Femto-LASIK: Background and details
Femto-LASIK ("femto" comes from physics and refers to the time unit called a femtosecond, which in turn designates the quadrillionth part of a second) is a follow-up product of LASIK. It has been approved since 2001 and is currently one of the most common and popular laser eye surgeries. Common refractive errors of the eye such as nearsightedness, farsightedness, and astigmatism can be successfully corrected with Femto-LASIK.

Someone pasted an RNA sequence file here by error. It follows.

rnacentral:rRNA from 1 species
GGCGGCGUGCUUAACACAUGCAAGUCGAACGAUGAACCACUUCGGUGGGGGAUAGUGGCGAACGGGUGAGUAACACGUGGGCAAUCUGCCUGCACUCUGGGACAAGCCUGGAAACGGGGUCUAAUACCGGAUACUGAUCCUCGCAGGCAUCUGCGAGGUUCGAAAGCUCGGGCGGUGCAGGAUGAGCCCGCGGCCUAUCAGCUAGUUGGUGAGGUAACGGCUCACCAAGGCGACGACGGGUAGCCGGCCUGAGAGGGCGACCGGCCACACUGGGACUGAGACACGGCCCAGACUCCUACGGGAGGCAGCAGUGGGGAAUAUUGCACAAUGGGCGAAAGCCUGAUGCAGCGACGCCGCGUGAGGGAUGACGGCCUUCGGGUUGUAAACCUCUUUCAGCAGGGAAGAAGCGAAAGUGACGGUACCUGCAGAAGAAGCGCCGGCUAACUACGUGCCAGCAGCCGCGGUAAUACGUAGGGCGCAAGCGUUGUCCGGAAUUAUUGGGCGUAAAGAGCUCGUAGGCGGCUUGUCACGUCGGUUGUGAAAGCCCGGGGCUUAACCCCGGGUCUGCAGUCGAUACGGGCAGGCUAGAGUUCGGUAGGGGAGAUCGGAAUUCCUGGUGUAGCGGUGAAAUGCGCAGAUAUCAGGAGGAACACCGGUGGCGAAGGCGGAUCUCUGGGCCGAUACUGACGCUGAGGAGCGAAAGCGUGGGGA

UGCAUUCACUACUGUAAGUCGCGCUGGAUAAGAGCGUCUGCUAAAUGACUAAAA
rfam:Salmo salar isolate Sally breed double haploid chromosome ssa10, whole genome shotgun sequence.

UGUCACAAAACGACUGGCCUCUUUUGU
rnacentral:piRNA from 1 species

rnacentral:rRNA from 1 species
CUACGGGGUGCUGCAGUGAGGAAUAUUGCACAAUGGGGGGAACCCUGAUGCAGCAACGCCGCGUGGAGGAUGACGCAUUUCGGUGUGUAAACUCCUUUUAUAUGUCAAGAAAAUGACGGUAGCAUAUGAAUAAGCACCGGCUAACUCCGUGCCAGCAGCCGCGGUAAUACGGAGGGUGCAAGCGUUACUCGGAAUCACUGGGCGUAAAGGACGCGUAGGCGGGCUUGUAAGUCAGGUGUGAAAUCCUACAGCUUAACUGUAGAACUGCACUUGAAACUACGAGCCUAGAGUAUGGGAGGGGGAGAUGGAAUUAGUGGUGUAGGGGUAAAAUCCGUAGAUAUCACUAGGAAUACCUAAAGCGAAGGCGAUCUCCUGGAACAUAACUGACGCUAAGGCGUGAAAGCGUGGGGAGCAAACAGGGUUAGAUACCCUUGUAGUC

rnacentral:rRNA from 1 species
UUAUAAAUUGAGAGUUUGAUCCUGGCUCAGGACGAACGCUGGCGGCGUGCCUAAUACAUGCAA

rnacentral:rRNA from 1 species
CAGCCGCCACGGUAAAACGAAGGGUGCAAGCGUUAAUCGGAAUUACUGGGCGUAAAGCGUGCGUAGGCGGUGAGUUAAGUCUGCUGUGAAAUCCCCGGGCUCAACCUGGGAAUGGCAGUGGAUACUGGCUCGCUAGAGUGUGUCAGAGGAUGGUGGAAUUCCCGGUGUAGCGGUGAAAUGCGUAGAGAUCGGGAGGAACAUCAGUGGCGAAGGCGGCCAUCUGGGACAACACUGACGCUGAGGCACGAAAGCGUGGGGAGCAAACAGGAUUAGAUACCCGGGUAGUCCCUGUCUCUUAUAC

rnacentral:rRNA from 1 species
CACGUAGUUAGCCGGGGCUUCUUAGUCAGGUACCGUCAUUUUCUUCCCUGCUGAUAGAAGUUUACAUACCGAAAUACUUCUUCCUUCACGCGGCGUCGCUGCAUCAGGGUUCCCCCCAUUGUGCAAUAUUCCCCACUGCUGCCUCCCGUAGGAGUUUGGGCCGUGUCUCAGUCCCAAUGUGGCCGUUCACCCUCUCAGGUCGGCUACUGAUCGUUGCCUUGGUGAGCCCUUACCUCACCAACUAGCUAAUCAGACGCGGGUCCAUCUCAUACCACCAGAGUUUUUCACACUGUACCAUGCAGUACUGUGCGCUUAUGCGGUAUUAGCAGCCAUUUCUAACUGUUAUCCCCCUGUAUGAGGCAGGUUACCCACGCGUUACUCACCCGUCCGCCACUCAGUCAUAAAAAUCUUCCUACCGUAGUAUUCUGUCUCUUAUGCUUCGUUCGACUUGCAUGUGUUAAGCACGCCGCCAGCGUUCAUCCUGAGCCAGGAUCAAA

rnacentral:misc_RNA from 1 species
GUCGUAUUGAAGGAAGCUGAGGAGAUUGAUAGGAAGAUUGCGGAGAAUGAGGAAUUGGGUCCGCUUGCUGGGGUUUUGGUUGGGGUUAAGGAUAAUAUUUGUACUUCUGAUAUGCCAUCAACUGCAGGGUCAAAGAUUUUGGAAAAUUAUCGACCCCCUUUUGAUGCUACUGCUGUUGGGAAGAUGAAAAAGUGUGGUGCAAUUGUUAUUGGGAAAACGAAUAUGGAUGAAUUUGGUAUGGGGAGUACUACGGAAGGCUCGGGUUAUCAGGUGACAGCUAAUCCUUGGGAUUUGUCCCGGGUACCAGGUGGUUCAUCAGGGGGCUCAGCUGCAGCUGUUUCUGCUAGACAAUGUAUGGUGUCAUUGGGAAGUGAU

The top layer of the cornea (epithelium) is detached using the femtosecond laser. To put it simply, the laser makes a small incision, and the thin cover of the cornea ("flap") is folded to the side. The actual correction is then performed using the so-called excimer laser. This process only takes a few seconds. The "flap" then reattaches itself so that your vision improves significantly within a very short time after the surgery. The Femto-LASIK procedure is quick and painless. However, temporary side effects may occur after the surgery (e.g., a slightly blurred vision is quite normal; a possible feeling of dryness can be treated with eye drops you'll receive from us anyway). This is one of the reasons why it's very important to keep your follow-up appointment after laser eye surgery.